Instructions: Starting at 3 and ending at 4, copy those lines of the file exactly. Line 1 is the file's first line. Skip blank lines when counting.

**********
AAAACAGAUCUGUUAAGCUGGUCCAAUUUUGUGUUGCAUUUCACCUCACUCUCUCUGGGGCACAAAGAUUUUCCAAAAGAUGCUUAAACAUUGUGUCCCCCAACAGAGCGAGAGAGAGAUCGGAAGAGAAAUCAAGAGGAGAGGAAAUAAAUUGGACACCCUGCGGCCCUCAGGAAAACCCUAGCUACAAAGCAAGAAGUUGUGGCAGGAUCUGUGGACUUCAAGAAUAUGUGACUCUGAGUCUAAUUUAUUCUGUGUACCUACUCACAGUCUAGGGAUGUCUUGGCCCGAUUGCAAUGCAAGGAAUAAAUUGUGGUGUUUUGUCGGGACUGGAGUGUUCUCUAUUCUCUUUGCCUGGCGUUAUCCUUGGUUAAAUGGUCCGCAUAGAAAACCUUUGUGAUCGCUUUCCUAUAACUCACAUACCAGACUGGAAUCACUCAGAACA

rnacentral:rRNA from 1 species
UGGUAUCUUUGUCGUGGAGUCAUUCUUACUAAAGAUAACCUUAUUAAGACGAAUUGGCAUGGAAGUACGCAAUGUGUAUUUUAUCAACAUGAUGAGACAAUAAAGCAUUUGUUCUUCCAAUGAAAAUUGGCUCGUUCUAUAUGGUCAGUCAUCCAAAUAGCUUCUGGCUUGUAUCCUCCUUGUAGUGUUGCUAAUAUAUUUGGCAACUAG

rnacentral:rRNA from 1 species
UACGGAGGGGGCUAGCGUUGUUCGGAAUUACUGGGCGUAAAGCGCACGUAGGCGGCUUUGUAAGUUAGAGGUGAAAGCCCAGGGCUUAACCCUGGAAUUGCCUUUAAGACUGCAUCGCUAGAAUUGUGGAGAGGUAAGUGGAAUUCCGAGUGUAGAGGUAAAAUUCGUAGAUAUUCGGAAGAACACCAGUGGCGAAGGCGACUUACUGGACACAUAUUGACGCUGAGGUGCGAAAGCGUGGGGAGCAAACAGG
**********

UGGUAUCUUUGUCGUGGAGUCAUUCUUACUAAAGAUAACCUUAUUAAGACGAAUUGGCAUGGAAGUACGCAAUGUGUAUUUUAUCAACAUGAUGAGACAAUAAAGCAUUUGUUCUUCCAAUGAAAAUUGGCUCGUUCUAUAUGGUCAGUCAUCCAAAUAGCUUCUGGCUUGUAUCCUCCUUGUAGUGUUGCUAAUAUAUUUGGCAACUAG

rnacentral:rRNA from 1 species